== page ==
Don’t Pay For A Bi-Weekly Mortgage Plan

My boss recently bought a house, so quite a few of our work related conversations over the past couple of months have shifted away from work and discussing the various stages of home ownership.

One recent conversation brought to light that it’s probably worth reminding people that it’s generally not a good idea to pay to enroll in the bi-weekly mortgage plan.

Me: How’s everything with the move going?
Boss: Pretty good.  Hey, look at this.  We just closed last week but I already got something from the mortgage company.  They offered this bi-weekly mortgage plan for $295.  It shortens the mortgage time by seven years.
Me: Yeah, I get those all the time.
Boss: I was just doing the math and it looks like all they’re doing is making twenty-six “half” deductions instead of twelve “full” deductions.  That basically means that they’re just taking an extra payment a year, right?
Me: You got it.
Boss (getting excited now): So can’t I just add extra to my payment each month and accomplish the same thing?
Me: Yep.
Boss: So, why would anybody pay $295 for this?
Me: Because a lot of people see the savings, figure a $295 investment is worth it, but don’t realize that they can accomplish the same thing without paying a dime for it.
Boss: Sneaky.
Me: It sure is!

My boss and many others have figured out on their own that paying for the bi-weekly plan is simply not worth it.  If you want to do the same thing, all you have to do is:

  1. Identify what your monthly payment is for principal and interest only.  This means that if part of your payment consists of an ‘escrow’ amount to cover such things as property taxes, insurance or association fees, you should exclude this.
  2. Divide the amount above by twelve.
  3. Add this payment amount to your monthly payment.  If possible, make sure you specify this as an extra payment towards principal.  Also, make sure that you don’t have a pre-payment penalty (most standard mortgages don’t).
  4. Enjoy the shorter mortgage pay-off time AND the $295 you saved by not letting the bank do this for you.

Example:
Your monthly mortgage payment is $1500 broken down by:
Principal and interest: $1200
Escrow (taxes / insurance): $300

You only want to concentrate on the principal and interest, so your focus is on the $1200.

Divide that by twelve and you end up with $100. That’s going to be your ‘extra’ payment per month.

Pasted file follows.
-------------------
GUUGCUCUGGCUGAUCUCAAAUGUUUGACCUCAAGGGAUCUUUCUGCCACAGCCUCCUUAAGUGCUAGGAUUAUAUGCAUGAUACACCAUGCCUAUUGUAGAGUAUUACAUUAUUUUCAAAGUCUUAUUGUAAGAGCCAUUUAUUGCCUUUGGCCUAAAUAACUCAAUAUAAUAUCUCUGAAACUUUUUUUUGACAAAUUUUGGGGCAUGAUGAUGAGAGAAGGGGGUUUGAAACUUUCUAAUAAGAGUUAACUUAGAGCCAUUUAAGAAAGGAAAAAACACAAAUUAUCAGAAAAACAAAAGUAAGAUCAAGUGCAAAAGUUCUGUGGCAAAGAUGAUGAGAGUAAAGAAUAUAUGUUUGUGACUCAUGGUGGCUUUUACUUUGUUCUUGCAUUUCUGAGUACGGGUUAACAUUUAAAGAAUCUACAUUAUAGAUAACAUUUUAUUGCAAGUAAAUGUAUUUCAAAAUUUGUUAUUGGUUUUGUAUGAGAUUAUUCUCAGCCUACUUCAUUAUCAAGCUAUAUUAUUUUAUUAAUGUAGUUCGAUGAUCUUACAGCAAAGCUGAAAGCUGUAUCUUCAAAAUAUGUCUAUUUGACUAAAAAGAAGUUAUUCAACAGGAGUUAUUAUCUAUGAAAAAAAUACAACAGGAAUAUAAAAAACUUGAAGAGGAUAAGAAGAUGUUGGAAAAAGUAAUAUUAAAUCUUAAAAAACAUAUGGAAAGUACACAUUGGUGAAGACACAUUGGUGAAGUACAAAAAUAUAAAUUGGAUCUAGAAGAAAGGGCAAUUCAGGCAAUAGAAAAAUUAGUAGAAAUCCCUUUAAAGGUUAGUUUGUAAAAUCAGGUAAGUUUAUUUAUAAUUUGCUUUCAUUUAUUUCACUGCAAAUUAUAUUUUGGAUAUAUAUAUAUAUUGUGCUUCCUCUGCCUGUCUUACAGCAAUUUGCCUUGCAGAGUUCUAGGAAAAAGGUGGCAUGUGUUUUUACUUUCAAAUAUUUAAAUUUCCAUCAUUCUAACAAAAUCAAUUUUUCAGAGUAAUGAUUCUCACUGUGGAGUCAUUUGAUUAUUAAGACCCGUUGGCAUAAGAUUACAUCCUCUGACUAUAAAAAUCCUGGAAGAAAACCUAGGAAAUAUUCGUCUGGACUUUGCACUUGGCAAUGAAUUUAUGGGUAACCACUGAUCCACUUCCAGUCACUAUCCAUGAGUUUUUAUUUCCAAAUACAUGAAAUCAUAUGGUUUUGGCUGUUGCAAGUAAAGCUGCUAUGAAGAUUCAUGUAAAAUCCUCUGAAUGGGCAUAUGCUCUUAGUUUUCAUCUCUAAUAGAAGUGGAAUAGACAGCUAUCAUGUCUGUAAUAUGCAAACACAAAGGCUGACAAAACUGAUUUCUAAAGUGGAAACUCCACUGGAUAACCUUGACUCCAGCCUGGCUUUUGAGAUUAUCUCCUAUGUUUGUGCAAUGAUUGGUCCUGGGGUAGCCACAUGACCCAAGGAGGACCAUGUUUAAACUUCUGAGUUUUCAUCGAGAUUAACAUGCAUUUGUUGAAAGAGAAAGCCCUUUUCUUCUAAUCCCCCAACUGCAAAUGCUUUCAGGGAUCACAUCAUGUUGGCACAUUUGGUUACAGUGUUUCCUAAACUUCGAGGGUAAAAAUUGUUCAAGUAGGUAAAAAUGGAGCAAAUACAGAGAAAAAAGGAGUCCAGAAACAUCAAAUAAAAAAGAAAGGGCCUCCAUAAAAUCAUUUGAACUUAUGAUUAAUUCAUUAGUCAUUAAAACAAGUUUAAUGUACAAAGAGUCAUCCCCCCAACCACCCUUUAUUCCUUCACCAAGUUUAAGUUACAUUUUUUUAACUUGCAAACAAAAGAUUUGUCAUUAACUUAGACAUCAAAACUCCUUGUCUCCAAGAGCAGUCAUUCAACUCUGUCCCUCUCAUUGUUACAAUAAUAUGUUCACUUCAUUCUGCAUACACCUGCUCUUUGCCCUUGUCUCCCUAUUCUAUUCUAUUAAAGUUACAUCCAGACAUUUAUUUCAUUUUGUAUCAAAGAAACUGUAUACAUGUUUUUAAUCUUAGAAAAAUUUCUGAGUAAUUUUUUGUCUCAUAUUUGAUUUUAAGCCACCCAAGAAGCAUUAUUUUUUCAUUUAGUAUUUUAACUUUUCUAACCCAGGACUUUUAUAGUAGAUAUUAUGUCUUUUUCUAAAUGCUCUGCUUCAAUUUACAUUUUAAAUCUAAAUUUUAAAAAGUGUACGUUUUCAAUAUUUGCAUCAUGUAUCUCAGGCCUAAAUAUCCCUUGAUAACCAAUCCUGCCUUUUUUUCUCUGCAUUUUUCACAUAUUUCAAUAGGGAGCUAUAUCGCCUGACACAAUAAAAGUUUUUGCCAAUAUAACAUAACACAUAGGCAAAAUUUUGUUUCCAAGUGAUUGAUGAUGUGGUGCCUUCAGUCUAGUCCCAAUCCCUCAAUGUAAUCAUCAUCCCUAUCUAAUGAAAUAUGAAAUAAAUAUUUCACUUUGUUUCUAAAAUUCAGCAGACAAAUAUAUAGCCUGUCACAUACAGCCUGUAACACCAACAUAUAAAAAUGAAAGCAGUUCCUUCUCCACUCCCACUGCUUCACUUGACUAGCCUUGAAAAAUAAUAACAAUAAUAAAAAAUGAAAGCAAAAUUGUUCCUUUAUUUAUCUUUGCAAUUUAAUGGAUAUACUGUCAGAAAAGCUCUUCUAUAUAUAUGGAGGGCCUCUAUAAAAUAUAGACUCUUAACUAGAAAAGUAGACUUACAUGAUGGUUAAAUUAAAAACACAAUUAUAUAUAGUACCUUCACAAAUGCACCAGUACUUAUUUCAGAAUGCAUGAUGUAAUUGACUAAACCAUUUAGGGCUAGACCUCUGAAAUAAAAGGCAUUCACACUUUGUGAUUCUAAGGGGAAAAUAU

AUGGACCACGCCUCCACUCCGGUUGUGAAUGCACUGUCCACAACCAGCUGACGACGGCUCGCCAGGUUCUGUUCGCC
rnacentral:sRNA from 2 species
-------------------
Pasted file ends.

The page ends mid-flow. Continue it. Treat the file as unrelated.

Contact the bank (or logon to your account if your bank lets you) and add $100 per month to your payment, specifying it to go towards principal.

Your payment will now be $1600 per month:
Principal and interest: $1200
Extra principal payment: $100
Escrow (taxes / insurance): $300

We aren’t doing this at the moment because we’re redirecting any extra money we have towards other things like paying down student loan debt and saving for some home renovations, but should this be a priority, this will be the formula we’ll follow!

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6 thoughts on “Don’t Pay For A Bi-Weekly Mortgage Plan

  1. Good stuff! Could you accomplish the same thing by paying 1/2 payments 2x a month….setting it up through your bank? Or is that when they charge you…when you want to do 2 payments a month? I don't understand what the additional $295 is for? I'm going to be closing on my first home soon and I fully plan on making at least 1 additional payment per year and may increase that as other things are freed up.

  2. Well, either way you need to make the equivilent of an extra payment. However you do that is up to you. I personally wouldn't try to split up any payments simply because each payment event you add also adds risk of something happening for one reason or another and costing you in fees or something else.

  3. Interesting; I haven't heard of anyone actually charging for this until now. What a rip!

  4. I currently do this with my mortgage. However, I choose to make one lump sum payment equal to one months worth of my mortgage around tax time when I receive my refund. It takes discipline, but I know that is what the money is ear marked for so I don't give myself the opportunity to go on a shopping spree.

  5. That is a total rip off. Plus, when you manage the extra amount yourself, you have the flexibility to adjust your payment either up or down without going through paperwork.

    I often wondered, why would you ever apply extra money toward interest? I always have to check the 'principal' box when paying extra. Of course it is to principal, why else would I be giving up more money?

  6. I didn't realize some lenders actually CHARGE for the bi-weekly plan (as you noted, you can do it yourself)! We add extra each month, but could easily do an annual lump sum payment.

    Just be sure that you won't be penalized for these "prepayments" — sometimes it's written into the mortgage. Luckily, there is no penalty for us, and we'll save money in the end.

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